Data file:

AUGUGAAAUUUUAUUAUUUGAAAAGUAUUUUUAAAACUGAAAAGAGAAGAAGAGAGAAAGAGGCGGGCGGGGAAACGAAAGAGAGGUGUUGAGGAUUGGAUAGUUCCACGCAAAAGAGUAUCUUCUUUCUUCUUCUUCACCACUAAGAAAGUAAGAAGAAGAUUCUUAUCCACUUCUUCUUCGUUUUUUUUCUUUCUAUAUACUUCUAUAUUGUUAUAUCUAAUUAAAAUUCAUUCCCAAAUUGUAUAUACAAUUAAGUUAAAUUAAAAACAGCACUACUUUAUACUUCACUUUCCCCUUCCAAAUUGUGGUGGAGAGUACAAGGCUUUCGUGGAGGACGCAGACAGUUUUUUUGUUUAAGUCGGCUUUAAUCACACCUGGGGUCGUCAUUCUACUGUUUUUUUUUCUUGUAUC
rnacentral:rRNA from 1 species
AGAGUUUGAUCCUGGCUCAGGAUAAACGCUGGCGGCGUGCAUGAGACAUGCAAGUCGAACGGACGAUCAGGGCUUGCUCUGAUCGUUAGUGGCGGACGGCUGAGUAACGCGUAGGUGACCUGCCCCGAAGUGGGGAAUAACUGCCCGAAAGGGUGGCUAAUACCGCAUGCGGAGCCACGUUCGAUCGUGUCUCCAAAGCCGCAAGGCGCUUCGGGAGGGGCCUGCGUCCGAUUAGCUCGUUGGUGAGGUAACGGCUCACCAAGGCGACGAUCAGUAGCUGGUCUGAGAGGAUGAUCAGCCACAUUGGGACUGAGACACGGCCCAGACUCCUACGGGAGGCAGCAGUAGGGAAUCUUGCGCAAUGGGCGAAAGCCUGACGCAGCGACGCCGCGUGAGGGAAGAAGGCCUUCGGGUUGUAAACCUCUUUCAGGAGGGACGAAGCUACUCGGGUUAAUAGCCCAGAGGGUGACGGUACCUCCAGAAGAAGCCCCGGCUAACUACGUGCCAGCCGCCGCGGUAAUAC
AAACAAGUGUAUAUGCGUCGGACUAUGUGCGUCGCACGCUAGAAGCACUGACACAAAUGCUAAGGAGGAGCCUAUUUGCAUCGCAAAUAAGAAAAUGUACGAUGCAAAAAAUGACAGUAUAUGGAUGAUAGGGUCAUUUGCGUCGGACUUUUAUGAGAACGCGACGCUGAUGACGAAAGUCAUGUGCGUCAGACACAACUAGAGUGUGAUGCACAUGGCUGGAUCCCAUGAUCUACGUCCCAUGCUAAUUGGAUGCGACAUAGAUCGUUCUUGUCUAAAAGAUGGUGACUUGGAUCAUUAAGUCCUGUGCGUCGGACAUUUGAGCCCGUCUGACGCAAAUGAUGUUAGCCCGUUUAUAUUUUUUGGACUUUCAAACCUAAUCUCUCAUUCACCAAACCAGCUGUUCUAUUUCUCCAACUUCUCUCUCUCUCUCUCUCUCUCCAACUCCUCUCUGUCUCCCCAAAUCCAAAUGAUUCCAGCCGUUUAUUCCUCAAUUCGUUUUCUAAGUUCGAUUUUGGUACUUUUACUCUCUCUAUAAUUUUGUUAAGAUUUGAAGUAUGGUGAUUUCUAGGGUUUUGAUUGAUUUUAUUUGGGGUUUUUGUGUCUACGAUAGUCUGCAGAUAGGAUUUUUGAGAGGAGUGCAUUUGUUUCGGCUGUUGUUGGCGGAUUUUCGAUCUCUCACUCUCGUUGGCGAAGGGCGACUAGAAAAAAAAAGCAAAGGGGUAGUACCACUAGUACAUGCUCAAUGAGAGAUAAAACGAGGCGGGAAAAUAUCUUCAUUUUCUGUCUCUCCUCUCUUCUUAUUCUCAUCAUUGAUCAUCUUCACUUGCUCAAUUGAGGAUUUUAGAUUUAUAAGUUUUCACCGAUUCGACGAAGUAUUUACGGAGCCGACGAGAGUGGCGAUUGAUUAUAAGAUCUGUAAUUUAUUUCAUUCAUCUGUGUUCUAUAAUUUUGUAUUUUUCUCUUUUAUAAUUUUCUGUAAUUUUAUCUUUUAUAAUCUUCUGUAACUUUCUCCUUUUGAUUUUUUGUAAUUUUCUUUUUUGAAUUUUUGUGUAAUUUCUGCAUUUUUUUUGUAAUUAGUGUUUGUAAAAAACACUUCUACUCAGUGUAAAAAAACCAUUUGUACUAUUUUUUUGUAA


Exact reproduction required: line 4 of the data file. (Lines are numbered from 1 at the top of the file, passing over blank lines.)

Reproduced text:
AAACAAGUGUAUAUGCGUCGGACUAUGUGCGUCGCACGCUAGAAGCACUGACACAAAUGCUAAGGAGGAGCCUAUUUGCAUCGCAAAUAAGAAAAUGUACGAUGCAAAAAAUGACAGUAUAUGGAUGAUAGGGUCAUUUGCGUCGGACUUUUAUGAGAACGCGACGCUGAUGACGAAAGUCAUGUGCGUCAGACACAACUAGAGUGUGAUGCACAUGGCUGGAUCCCAUGAUCUACGUCCCAUGCUAAUUGGAUGCGACAUAGAUCGUUCUUGUCUAAAAGAUGGUGACUUGGAUCAUUAAGUCCUGUGCGUCGGACAUUUGAGCCCGUCUGACGCAAAUGAUGUUAGCCCGUUUAUAUUUUUUGGACUUUCAAACCUAAUCUCUCAUUCACCAAACCAGCUGUUCUAUUUCUCCAACUUCUCUCUCUCUCUCUCUCUCUCCAACUCCUCUCUGUCUCCCCAAAUCCAAAUGAUUCCAGCCGUUUAUUCCUCAAUUCGUUUUCUAAGUUCGAUUUUGGUACUUUUACUCUCUCUAUAAUUUUGUUAAGAUUUGAAGUAUGGUGAUUUCUAGGGUUUUGAUUGAUUUUAUUUGGGGUUUUUGUGUCUACGAUAGUCUGCAGAUAGGAUUUUUGAGAGGAGUGCAUUUGUUUCGGCUGUUGUUGGCGGAUUUUCGAUCUCUCACUCUCGUUGGCGAAGGGCGACUAGAAAAAAAAAGCAAAGGGGUAGUACCACUAGUACAUGCUCAAUGAGAGAUAAAACGAGGCGGGAAAAUAUCUUCAUUUUCUGUCUCUCCUCUCUUCUUAUUCUCAUCAUUGAUCAUCUUCACUUGCUCAAUUGAGGAUUUUAGAUUUAUAAGUUUUCACCGAUUCGACGAAGUAUUUACGGAGCCGACGAGAGUGGCGAUUGAUUAUAAGAUCUGUAAUUUAUUUCAUUCAUCUGUGUUCUAUAAUUUUGUAUUUUUCUCUUUUAUAAUUUUCUGUAAUUUUAUCUUUUAUAAUCUUCUGUAACUUUCUCCUUUUGAUUUUUUGUAAUUUUCUUUUUUGAAUUUUUGUGUAAUUUCUGCAUUUUUUUUGUAAUUAGUGUUUGUAAAAAACACUUCUACUCAGUGUAAAAAAACCAUUUGUACUAUUUUUUUGUAA